A Letter From Beijing, Where There Is No Normal to Go Back to

During Months in Lockdown, a Family Grows Closer and Gets Better at Taking Disappointments in Stride 

In China, people have recently emerged after spending months in their homes. Ching-Ching Ni, editor-in-chief of the New York Times Chinese website, explained to Zócalo how being stuck at home with her husband and teenage daughters in Beijing changed how they saw their surroundings and each other.

Jai Hamid Bashir Wins Zócalo’s Ninth Annual Poetry Prize | Zocalo Public Square • Arizona State University • Smithsonian

Jai Hamid Bashir Wins Zócalo’s Ninth Annual Poetry Prize

In 'Little Bones,' a Girl Considers a Utah Sunset, Intoxicated on 'Untold Plans for Eternity'

Since 2012, the Zócalo Public Square Poetry Prize has been awarded annually to the U.S. poem that best evokes a connection to place. This year, talking about “place”—a concept always …

Do Californians Love Their Houses Too Much?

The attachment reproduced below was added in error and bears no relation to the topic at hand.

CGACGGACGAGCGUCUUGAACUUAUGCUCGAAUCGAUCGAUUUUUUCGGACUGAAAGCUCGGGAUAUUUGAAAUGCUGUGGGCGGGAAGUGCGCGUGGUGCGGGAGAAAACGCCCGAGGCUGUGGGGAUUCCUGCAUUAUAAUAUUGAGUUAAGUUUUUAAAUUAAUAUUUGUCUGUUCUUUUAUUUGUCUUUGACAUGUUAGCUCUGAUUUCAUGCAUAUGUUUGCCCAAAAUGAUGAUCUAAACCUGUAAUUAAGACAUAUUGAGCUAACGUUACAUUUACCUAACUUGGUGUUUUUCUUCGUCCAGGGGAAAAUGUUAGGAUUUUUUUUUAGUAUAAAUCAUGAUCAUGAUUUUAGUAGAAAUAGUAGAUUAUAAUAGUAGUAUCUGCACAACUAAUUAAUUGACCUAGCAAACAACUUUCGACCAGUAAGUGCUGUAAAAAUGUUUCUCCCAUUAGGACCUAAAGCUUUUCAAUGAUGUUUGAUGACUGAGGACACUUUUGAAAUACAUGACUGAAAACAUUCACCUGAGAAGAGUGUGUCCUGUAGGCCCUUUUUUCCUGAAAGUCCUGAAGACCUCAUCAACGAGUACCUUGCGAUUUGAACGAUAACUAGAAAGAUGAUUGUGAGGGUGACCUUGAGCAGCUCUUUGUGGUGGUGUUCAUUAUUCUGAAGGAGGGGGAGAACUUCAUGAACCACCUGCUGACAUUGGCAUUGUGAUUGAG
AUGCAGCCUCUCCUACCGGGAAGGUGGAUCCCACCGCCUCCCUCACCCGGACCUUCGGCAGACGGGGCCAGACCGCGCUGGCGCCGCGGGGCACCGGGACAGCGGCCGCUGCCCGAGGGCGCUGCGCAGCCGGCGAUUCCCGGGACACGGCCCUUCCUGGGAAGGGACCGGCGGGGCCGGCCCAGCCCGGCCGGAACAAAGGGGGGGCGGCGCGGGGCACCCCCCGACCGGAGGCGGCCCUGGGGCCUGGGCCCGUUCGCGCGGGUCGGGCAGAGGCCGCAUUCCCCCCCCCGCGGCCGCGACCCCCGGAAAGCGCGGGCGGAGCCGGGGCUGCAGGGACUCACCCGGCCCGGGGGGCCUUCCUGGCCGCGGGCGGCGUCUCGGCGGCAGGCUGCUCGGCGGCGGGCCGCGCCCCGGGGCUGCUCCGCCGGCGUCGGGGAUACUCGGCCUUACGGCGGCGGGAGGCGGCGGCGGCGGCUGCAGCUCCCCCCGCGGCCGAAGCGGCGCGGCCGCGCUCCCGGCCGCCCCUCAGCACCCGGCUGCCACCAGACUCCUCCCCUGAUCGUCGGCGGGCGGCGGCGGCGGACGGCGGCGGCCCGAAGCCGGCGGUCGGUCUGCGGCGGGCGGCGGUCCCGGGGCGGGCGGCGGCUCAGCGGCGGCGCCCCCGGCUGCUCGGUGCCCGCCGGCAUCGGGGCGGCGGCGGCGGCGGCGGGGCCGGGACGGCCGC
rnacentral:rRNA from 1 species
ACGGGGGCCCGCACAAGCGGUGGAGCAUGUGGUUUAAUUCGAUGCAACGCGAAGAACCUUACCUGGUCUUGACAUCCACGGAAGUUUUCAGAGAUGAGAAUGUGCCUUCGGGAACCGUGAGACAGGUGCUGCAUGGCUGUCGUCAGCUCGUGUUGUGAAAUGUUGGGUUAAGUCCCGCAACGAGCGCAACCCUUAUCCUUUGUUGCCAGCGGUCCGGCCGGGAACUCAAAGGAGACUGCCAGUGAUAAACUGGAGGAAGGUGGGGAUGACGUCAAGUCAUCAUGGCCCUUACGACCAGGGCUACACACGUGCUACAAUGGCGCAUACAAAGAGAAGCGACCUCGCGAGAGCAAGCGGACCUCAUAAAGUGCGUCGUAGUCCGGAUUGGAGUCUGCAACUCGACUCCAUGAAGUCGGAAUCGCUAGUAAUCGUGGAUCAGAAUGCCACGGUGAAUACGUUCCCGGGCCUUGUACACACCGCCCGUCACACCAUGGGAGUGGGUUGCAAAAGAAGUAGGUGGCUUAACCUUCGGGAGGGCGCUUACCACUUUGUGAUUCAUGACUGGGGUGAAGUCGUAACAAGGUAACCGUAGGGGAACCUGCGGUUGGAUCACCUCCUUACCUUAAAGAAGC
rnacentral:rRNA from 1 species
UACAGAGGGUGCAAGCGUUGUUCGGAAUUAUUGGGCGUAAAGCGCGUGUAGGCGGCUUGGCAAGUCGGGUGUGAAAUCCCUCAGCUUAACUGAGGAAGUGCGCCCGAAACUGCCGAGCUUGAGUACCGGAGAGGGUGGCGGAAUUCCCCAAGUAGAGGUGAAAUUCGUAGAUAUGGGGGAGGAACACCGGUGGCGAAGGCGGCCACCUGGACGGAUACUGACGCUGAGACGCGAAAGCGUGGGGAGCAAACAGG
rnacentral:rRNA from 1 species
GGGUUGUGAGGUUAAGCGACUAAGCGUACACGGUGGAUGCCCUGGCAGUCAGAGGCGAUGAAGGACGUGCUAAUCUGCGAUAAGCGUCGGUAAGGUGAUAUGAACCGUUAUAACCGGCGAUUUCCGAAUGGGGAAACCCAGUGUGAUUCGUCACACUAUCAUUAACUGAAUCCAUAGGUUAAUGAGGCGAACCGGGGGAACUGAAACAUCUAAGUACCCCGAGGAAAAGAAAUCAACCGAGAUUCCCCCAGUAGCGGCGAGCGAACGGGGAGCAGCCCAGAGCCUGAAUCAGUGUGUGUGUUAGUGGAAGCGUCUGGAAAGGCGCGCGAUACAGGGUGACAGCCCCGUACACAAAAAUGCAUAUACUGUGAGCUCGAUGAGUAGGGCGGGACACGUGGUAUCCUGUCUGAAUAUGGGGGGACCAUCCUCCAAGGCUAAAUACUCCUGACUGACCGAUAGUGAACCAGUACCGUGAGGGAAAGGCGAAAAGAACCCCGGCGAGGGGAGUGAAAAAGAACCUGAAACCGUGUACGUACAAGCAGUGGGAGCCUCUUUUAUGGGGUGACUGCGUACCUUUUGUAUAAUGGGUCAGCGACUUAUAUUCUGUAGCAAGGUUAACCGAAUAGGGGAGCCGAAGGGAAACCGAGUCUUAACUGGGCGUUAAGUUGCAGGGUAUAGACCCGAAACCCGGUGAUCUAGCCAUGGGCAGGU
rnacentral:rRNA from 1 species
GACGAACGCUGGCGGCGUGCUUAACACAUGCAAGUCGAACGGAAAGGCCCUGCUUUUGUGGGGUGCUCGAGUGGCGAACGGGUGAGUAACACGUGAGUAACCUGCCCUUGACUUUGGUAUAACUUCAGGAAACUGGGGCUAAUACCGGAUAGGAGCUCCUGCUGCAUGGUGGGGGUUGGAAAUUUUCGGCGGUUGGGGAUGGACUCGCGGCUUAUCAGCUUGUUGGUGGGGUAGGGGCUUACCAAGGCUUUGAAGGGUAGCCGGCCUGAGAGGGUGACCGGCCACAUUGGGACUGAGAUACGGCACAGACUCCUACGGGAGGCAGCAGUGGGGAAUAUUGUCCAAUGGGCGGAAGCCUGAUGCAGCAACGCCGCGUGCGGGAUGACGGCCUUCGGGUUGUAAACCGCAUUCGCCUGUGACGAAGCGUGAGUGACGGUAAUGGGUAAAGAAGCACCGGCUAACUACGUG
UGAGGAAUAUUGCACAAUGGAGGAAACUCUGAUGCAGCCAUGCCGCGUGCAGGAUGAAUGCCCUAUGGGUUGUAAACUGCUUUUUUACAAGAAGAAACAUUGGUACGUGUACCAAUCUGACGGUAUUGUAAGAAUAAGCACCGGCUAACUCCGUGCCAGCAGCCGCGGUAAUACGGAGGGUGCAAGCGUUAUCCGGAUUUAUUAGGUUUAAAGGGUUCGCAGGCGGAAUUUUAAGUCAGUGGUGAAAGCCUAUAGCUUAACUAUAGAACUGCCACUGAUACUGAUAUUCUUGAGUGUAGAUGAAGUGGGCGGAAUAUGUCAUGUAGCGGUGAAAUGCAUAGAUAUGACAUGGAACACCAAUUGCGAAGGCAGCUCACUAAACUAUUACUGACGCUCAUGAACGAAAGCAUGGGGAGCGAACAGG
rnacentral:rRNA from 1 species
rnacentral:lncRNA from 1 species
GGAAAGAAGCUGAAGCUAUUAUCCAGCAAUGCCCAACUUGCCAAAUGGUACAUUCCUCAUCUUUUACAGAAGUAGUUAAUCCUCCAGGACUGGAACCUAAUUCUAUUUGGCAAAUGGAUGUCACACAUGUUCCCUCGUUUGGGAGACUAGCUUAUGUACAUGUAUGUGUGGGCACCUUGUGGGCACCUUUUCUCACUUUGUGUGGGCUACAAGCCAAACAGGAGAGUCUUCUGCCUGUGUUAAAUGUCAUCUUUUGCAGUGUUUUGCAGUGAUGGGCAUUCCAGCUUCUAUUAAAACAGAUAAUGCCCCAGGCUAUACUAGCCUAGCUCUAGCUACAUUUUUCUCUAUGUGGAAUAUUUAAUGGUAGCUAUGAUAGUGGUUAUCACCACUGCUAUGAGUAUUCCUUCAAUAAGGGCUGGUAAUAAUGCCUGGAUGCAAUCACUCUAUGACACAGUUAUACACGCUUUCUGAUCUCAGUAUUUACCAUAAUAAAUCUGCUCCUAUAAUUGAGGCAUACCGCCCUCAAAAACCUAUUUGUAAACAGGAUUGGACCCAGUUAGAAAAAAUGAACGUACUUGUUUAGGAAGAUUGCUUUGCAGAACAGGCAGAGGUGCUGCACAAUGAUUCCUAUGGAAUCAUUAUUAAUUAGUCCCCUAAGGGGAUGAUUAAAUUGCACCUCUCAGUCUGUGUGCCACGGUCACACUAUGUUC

A Fourth-Generation Homeowner Reconsiders the California Dream

No house on earth means more to me than my paternal grandparents’ small blue home near the bottom of a windswept hill in the Bay Area city of San Mateo.

I’ve …

Can Criminals Be Genetically Determined?

Just Five Percent of Families Commit Half of All U.S. Crimes. Is It Bad Genes, Bad Family Values, or Both?

When veteran New York Times reporter Fox Butterfield first met the Bogle family, he believed that nurture mattered more than nature in influencing people to commit violent crimes.

But how, …

The Modesto Girls are a Family Miracle

How Five Sisters (and Their Brothers) Survived Childhood and Stuck Together in Stanislaus County

California changes too fast. The new so quickly replaces the old. People come and go with a blur. I often feel like you can’t count on anything staying here anymore.

But …